View synonyms for vegetable


[ vej-tuh-buhl, vej-i-tuh- ]


  1. any plant whose fruit, seeds, roots, tubers, bulbs, stems, leaves, or flower parts are used as food, as the tomato, bean, beet, potato, onion, asparagus, spinach, or cauliflower.
  2. the edible part of such a plant, as the tuber of the potato.
  3. any member of the plant kingdom; plant.
  4. Informal. a person who is so severely impaired mentally or physically as to be largely incapable of conscious responses or activity.
  5. a dull, spiritless, and uninteresting person.


  1. of, consisting of, or made from edible vegetables:

    a vegetable diet.

  2. of, relating to, or characteristic of plants:

    the vegetable kingdom.

  3. derived from plants:

    vegetable fiber; vegetable oils.

  4. consisting of, comprising, or containing the substance or remains of plants:

    vegetable matter; a vegetable organism.

  5. of the nature of or resembling a plant:

    the vegetable forms of Art Nouveau ornament.

  6. inactive; inert; dull; uneventful:

    a vegetable existence.


/ ˈvɛdʒtəbəl /


  1. any of various herbaceous plants having parts that are used as food, such as peas, beans, cabbage, potatoes, cauliflower, and onions
  2. informal.
    a person who has lost control of his mental faculties, limbs, etc, as from an injury, mental disease, etc
    1. a dull inactive person
    2. ( as modifier )

      a vegetable life

  3. modifier consisting of or made from edible vegetables

    a vegetable diet

  4. modifier of, relating to, characteristic of, derived from, or consisting of plants or plant material

    vegetable oils

  5. rare.
    any member of the plant kingdom


/ vĕjtə-bəl /

  1. A plant that is cultivated for an edible part, such as the leaf of spinach, the root of the carrot, or the stem of celery.
  2. An edible part of one of these plants.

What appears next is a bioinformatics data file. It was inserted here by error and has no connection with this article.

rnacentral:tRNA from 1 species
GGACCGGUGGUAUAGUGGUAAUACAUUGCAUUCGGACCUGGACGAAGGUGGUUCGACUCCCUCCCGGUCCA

3. See Note at fruit

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Other Words From

  • non·vege·ta·ble noun adjective

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Word History and Origins

Origin of vegetable1

1350–1400; Middle English (adjective) < Late Latin vegetābilis “able to live and grow,” equivalent to vegetā(re) “to quicken” ( vegetate ) + -bilis -ble

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Word History and Origins

Origin of vegetable1

c14 (adj): from Late Latin vegetābilis animating, from vegetāre to enliven, from Latin vegēre to excite

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Example Sentences

Kanukollu, 26, said that unlike other vertical farming models, which only grow lettuce and basil, UrbanKisaan has devised technology to grow over 50 varieties of vegetables.

So even as the average flow of the Colorado River — the water supply for 40 million Western Americans and the backbone of the nation’s vegetable and cattle farming — has declined for most of the last 33 years, the population of Nevada has doubled.

It was rejecting the microwave dinners and canned vegetables of your foreparents, making double stock from leftover roast chickens instead of buying broth in a carton, and eschewing pre-cut fruit and instant rice.

From Eater

You drive to the allotment and attend to your flowers and vegetables.

An 850-watt motor powers through hard veggies like carrots, while the two-speed control knob slows things down for softer fruits and vegetables.

Preheat oven to 375°F. Heat the vegetable oil in a large, high-sided cast iron skillet.

The stewed cabbage is insanely tender, vegetable-sweet, and more luxurious than cabbage has a right to be.

Traffic was terrible, though, so only a few dozen people gamely remained to pick over the vegetable spread and drink beer.

Poking through this crunchy-sweet vegetable mound is edible ecstasy.

The truth is that diet should be varied and no single vegetable produces “miracle” results.

Grain merchants and vegetable dealers jostled each other in the streets themselves.

Clodd tells us that one cubic inch of rotten stone contains 41 thousand million vegetable skeletons of diatoms.

Even slight familiarity with the microscopic structure of vegetable tissue will prevent the chagrin of such errors.

It is likewise formed daring the decay of animal and vegetable matters, and is consequently evolved from dung and compost heaps.

It is produced abundantly when vegetable matters are burnt, as also during respiration, fermentation, and many other processes.


Related Words




Vegemitevegetable butter